pump station buildings such as Palmers Road were so badly affected that it was more than
two months before entry to the buildings was deemed safe enough to enable assessment of
the internal plant. Several smaller stations have been forced completely out of the ground
and all the connecting pipes shattered. The damage to pump stations initially necessitated
the pumping of waste using portable pumps directly into rivers and other waterways.
Temporary lines in affected areas were established so this practice has now ceased.
Pump station, Avonside
Palmers Road Pump Station
Some fresh water wells have been damaged and over 170 will be checked for breaks and
cracking using closed circuit television analysis (CCTV). Remediation is difficult and serious
damage has necessitated capping of some of the wells and re-drilling on alternative sites.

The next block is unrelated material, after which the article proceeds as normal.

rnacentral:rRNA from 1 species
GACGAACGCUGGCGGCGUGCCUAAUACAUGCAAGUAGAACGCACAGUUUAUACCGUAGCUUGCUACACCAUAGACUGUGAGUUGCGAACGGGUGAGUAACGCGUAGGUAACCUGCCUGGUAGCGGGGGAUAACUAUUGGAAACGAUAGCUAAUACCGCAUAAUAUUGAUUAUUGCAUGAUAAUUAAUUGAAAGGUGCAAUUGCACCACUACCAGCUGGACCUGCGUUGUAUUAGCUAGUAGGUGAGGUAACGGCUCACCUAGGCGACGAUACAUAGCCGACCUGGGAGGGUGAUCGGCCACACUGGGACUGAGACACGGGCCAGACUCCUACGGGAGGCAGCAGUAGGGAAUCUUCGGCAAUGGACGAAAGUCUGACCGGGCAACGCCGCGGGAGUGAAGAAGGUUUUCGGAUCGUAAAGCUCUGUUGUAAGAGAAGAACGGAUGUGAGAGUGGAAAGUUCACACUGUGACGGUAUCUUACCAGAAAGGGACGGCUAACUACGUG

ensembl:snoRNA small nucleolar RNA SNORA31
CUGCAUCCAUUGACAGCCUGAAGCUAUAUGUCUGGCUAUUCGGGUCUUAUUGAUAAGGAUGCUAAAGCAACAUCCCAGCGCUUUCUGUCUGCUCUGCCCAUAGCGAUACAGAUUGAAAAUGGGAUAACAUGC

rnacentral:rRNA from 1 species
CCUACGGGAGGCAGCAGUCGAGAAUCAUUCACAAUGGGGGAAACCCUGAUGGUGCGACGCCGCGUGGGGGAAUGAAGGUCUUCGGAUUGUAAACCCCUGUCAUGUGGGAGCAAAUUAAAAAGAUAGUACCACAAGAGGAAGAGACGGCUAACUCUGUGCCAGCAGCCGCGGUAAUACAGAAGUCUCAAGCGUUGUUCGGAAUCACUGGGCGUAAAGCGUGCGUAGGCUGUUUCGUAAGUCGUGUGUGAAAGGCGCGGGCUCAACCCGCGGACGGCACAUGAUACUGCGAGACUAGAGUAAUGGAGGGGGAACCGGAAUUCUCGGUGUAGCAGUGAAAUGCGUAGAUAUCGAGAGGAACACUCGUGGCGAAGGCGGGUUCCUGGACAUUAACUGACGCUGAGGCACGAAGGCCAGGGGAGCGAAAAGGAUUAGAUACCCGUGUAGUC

Damaged wells, Palmers Road
The worst affected of the Council owned heritage buildings was Godley House at Diamond
Harbour on Banks Peninsula, a Grade 2 New Zealand Historic Places Trust listed building built
in 1880 as a home for Harvey Hawkins, one of Lyttelton’s leading citizens. At the time of
writing it is not known whether this historic home can be saved.
Interior Godley House, Diamond Harbour
Godley House, Diamond Harbour
Two other damaged heritage structures are the iconic gothic revival Canterbury Provincial
Council Buildings, built between 1858 and 1865, which is the only purpose built provincial
government building still in existence in New Zealand, and ‘Our City’, a Queen Ann style
building dating from 1887, built as Christchurch City Council’s original council chambers and